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Teachers Rally to Call for Higher Pay, Better Retirement Plan

8:36 PM, Jun 18, 2003   |    comments
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North Carolina educators want state legislators to come up with more money and they don't care if it comes from gamblers, smokers or corporations.

They suggest that lawmakers close corporate loopholes, tax cigarettes and alcohol or even push through a lottery, saying that without more revenue, their pay and benefits will fall behind and the state's children will suffer for it.

"If you're against our agenda, then you're against motherhood, you're against apple pie and you're against education," Rep. Larry Womble, D-Forsyth, a former educator, told about 1,500 members of the North Carolina Association of Educators who rallied downtown Wednesday.

They met on the lawn outside the building where legislators from both the House and the Senate are negotiating a final budget and at times were encouraged to chant "Raise revenue now" and other slogans loud enough for the lawmakers to hear.

The proposals from each chamber call for average raises of no more than 1.8 percent this year and beginning in 2004-05 would eliminate bonuses for teachers whose students excel on standardized tests.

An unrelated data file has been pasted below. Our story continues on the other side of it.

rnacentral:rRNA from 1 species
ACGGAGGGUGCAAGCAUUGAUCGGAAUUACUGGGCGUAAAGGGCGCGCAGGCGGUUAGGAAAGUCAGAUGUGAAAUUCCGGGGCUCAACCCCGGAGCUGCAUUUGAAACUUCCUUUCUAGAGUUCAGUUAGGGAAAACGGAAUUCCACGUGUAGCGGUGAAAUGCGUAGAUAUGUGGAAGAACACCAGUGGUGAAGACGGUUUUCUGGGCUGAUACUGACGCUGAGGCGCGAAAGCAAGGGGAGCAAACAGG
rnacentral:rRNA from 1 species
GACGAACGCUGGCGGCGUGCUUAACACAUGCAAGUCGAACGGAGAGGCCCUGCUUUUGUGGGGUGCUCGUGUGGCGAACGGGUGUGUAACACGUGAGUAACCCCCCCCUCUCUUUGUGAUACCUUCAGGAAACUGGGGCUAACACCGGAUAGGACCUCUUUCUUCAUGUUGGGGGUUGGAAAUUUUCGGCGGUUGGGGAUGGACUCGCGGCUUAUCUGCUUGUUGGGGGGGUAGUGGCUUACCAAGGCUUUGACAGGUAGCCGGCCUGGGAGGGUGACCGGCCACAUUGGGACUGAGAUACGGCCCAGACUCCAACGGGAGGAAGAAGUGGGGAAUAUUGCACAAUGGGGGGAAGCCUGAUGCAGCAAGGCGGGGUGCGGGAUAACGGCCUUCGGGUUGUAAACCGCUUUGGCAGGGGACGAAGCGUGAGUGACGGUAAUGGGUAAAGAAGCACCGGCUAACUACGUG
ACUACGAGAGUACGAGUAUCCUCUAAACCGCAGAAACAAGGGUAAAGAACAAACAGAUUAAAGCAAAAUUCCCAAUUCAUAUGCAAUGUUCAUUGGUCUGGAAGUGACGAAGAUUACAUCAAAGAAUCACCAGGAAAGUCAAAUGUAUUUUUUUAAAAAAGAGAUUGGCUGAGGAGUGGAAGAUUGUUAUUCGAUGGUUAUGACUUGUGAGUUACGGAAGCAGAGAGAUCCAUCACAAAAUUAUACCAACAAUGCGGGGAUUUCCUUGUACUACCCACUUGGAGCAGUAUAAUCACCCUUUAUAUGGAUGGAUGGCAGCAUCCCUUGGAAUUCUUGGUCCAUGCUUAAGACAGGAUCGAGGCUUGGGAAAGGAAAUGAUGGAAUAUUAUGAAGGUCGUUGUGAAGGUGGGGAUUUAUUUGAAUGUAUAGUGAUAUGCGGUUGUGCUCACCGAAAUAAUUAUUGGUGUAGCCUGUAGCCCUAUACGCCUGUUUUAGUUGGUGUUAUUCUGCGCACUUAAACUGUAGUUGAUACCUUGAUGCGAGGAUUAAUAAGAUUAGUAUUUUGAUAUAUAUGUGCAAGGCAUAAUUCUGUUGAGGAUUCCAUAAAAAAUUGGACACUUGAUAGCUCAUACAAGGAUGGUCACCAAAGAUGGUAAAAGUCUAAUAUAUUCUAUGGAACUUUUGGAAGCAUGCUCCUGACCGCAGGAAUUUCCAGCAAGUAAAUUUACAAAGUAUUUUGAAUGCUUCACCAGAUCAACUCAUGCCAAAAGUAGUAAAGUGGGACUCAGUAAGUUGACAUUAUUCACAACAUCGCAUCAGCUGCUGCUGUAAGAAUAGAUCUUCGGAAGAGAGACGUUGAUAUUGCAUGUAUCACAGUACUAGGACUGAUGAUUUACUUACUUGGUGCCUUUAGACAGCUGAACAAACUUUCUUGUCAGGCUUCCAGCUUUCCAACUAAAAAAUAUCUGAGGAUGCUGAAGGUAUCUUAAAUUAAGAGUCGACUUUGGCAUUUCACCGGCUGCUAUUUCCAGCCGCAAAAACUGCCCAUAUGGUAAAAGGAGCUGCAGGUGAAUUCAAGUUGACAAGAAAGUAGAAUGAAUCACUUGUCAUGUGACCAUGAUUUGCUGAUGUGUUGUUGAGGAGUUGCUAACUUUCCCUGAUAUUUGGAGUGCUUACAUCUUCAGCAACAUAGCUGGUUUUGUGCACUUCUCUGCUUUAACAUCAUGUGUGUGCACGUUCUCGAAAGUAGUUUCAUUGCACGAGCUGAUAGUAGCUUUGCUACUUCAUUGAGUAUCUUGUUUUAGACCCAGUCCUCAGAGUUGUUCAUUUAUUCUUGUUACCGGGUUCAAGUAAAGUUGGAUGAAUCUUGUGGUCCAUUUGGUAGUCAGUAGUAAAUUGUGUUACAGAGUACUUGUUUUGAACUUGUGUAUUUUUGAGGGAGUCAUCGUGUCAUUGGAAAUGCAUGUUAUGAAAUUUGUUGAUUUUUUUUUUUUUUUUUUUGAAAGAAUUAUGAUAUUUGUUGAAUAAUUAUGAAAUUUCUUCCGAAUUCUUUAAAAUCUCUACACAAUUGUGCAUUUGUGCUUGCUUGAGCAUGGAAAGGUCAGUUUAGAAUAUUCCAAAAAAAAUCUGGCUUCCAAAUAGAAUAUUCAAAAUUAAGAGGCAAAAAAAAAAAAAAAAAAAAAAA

The 70,000-member NCAE also wants lawmakers to approve a budget by June 30 after learning that teachers may be charged as much as $88 a month for health insurance unless a new state plan goes into place to make up the difference, said NCAE President Carolyn McKinney. Teachers pay nothing now for their health coverage.

Senate president Marc Basnight, Lt. Gov. Beverly Perdue and other elected officials spent a few minutes offering the NCAE their support. The crowd applauded graciously for most of them, but booed when Basnight said he didn't expect legislators trying to dig out of another budget hole to find much more money.

The House has rejected the Senate proposals for increasing tobacco and alcohol taxes and isn't likely to approve a lottery.

Basnight encouraged teachers to work harder at home to elect representatives who support those initiatives.

"I want you to have more money, but that's not going to make it happen," Basnight said after some members of the audience began to shout "State lottery" while he spoke.

The rising revenue shortfall this year has resulted in a budget shortfall of at least $200 million in the spending plans passed by the two chambers. The budget gaps means that legislators will have to make additional spending cuts or enact additional tax increases to balance the roughly $15.1 billion proposals.

Susan Overby, a teacher at East Surry High School in Pilot Mountain, said she worried that legislators would continue to chip away at her health benefits as she recovers from two bouts with cancer in the past five years.

"I still see doctors frequently," she said.

Paige Searcy, who teaches at the same school, said dwindling budgets mean fewer books, less paper and insufficient supplies. Some schools buy one set of books that remain in the classrooms instead of giving each child their own book, she said.

"That sort of negates any kind of homework," she said.

Many of those who attended the rally spent a few minutes in legislators' office letting them know they wanted the state to devote more money to education.

"If NCAE is not going to stand up for increasing revenue for public education, who is?" McKinney asked.

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